Summary

Manufacturers, distributors, and retailers of consumer products across a broad spectrum of industries are being impacted by regulations regarding the presence associated with per- and polyfluoroalkyl substances (“PFAS”) in their products.   This area is rapidly developing as states create new laws, and the penalties plus litigation risk for non-compliance can be significant.  

While this article focuses on state laws and regulations and regulations, we note that the House of Representatives passed the  PFAS Action Act of 2021 on July 21, 2021,   which among other things, includes provisions regarding labeling requirements for certain consumer products (see section 10 of the Take action for additional information. )  While the Senate still needs to approve this Bill, it demonstrates that federal attention has been directed to PFAS customer products issues, and that federal action in this area is reasonably likely.

I. PFAS Background

PFAS is a family of chemicals comprised of somewhere between 5, 000-12, 000 compounds depending on the regulatory definition.   According to the Agency for Toxic Substances and Disease Registry (“ATSDR”), PFAS have been reported in certain consumer items, including the particular following:  

  • some grease-resistant paper, fast food containers, microwave popcorn bags, pizza boxes, and candy wrappers;  
  • nonstick cookware (e. g., Teflon);  
  • stain resistant coatings used on upholstery or some other fabrics;  
  • water resistant clothing such as “durable water repellent clothing; ”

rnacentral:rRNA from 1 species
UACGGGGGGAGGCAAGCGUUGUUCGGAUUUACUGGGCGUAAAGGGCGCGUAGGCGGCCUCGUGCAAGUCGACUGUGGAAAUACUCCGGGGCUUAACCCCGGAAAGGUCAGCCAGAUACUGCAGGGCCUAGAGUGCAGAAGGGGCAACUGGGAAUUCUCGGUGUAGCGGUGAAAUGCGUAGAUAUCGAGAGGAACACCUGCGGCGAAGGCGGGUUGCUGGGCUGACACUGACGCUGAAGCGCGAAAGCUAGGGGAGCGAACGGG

• cleaning products;  
  • personal care products (e. g., shampoo, dental floss) and cosmetics (e. g., nail polish, eye makeup); and
  • paints, varnishes or sealants.

Some sources, such as the United States Environmental Protection Agency (“EPA”), also state that will certain PFAS chemicals accumulate both in the human body and animals since PFAS could be ingested through water and food.   Accordingly, some states have enacted health advisories limiting the particular consumption associated with deer meat and fish tissue.

II.   Specific Consumer Product Regulations

States have taken many different approaches to regulating consumer products containing PFAS.   State rules of PFAS in customer products have principally focused on the following product sectors thus far, but importantly, these categories are usually not exclusive:

  • Food Packaging;
  • Cosmetics or Personal Care Items;
  • Children’s Products;
  • Textiles, Fabrics, Carpets or even Rugs, plus Upholstery; and
  • The Consumption of Fish Tissue plus Deer Meat.

Below is an overview of passed and proposed state laws and regulations as of  Dec 20, 2022 , to assist you in investigating whether your products may be impacted.

The subsequent chart identifies what specific product categories each state regulates, yet does not include the particular regulatory levels or needs to avoid confusion because the structure and limits vary widely from condition to state.

No PFAS consumer product regulations (as of the date of publication):   Arizona, Arkansas, Delaware, Florida, Idaho, Illinois, Kansas, Kentucky, Louisiana, Mississippi, Missouri, Montana, Nebraska, Nevada, New Mexico, North Dakota, Ohio, Oklahoma, South Carolina, South Dakota, Tennessee, Texas, Utah, Virginia, West Va, and Wyoming.

III. Conclusion

While several states do not currently possess any adopted laws or regulations with respect in order to PFAS in consumer items, many are considering ways to address these chemical substances.   As noted above, Congress will be also contemplating regulation at a national level.   Whether or not your business is currently subject to customer product rules related to PFAS, a prudent first step in order to evaluate your own potential risk is to determine whether any of your products or even production methods contain or use these types of chemicals.

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